You will notice a camera lens on the back, and which unlike some of its competitors doesn’t have small mirror for taking self-portraits, but this can hardly be considered as a major lack. The camera’s resolution is VGA and three different qualities or compressing are available, and a night-shot mode is available as well. No big changes comparing to other Nokia smartphones were made. Here are a few picture-samples made with the camera (1, 2, 3), which I hope will satisfy your curiousity. Small notice - when you use the night-shot mode 2-3 seconds will pass until the picture is actually taken. If you move the phone during this process a blurry picture will be the result of your actions. The camera offers usual functions and can be compared with the ones used in other products.

The back cover has a vertical backlash, which is rather big. We tested some other phones from various consignments, but they all were the same. If you look at the inside of the cover you'll see a special rubber padding, which is made to exert pressure from the cover to the battery, but unfortunately it can't handle its mission. In order to prevent backlash you can put a piece of paper, but be careful - it may turn things even worse after a while.

A Li-Ion 850 mAh battery is used. Nokia claims that the phone will work for about 150-200 hours in stand by mode and from 2.5 up to 4 hours during actual talk. While the phone was used in Moscow it worked for 3 days, 25 minutes were used for talking daily, plus 30 minutes for other features. It takes 1 hour and 40 minutes for the phone to recharge, which is typical for smartphones and profile of use. If you turn Bluetooth on, the phone will work only 1.5 days (even though it was actually used for about 50-60 minutes).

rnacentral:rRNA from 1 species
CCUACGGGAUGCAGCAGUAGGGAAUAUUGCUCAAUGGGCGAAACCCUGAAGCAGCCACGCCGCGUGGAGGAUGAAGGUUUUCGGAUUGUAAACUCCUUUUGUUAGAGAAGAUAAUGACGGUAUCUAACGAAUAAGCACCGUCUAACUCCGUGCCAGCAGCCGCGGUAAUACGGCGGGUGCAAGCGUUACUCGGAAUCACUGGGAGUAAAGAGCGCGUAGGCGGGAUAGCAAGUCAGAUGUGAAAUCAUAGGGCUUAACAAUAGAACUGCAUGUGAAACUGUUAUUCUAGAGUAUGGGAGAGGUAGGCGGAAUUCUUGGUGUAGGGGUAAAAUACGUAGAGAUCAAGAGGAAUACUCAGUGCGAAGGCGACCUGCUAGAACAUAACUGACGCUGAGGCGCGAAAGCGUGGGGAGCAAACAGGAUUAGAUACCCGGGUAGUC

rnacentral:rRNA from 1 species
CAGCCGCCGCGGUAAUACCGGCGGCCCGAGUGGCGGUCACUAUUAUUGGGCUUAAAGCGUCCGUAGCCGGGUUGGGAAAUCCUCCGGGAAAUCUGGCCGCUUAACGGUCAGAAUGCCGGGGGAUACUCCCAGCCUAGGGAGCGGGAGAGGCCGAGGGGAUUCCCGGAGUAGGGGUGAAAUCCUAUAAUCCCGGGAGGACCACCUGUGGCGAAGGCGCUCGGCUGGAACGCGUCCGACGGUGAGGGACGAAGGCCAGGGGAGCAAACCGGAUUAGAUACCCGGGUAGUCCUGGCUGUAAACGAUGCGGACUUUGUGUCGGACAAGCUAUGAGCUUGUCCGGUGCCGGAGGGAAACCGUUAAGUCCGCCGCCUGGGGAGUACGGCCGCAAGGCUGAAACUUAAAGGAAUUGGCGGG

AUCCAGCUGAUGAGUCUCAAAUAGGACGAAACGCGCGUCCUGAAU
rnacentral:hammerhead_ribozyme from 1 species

The most interesting part is hidden behind the battery. The MMC slot (phone ships with 32mb MMC card) and the SIM-card holder are located there. Nokia decided to use an exceptional type of lock in this one, and it has three positions. When it's in neutral position the SIM Card and MMC are fixed, and when you move them to one side or the other, you can install/remove either the SIM Card or the MMC card. The bad thing about using MMC cards, if you have multiple, is that with Nokia’s phones you have to turn off the phone first.

Almost forgot to tell you about the smartphone’s dimensions (108.6 x 58.2 x 23.7 mm) which are comfortable enough, but somewhat bigger than average phones (not smartphones). It weighs 122g and you can feel the phone in your hand alright, but it would be unfair to say that it’s heavy.

The Nokia 6600 comes in two colours, light grey and pink. The second colour makes the phone look like “King Penguin”, especially on billboards. Strange, but I get exactly this analogy.

We will not review the camera since there have been a lot of reviews about it already. Here you can find its full description made earlier, and no changes have been made since then.

Let's swiftly sum up the differences: The first difference is the increased memory size, 6 mb instead of the 4 mb used in previous models. The second is MIDP v2 for Java applications although there is no real need for MIDP 2.0 for users, at least not at this time.

Third, from now on you can set up themes and not only backgrounds, but icons and sounds as well. Everything can be done with one or two key-pressings, which makes this feature very comfortable and easy to use.

Working with applications has been improved and now you can change the language input in all applications, without having to navigate to the language set in Settings.

Network applications can use same setup the WAP-browser uses and you can also setup full settings for web surfing, similar to settings used in a PC. The connection will be performed through GPRS-TCP/IP. Some people claim that Opera doesn’t display web-pages correctly, which is not entirely true. The browser can display pages correctly provided the pages use a simple structure. I might add that most of the web-designers don’t care much about supporting Opera, and that’s what almost all CONCERN (?) is about. But overall, it’s alright.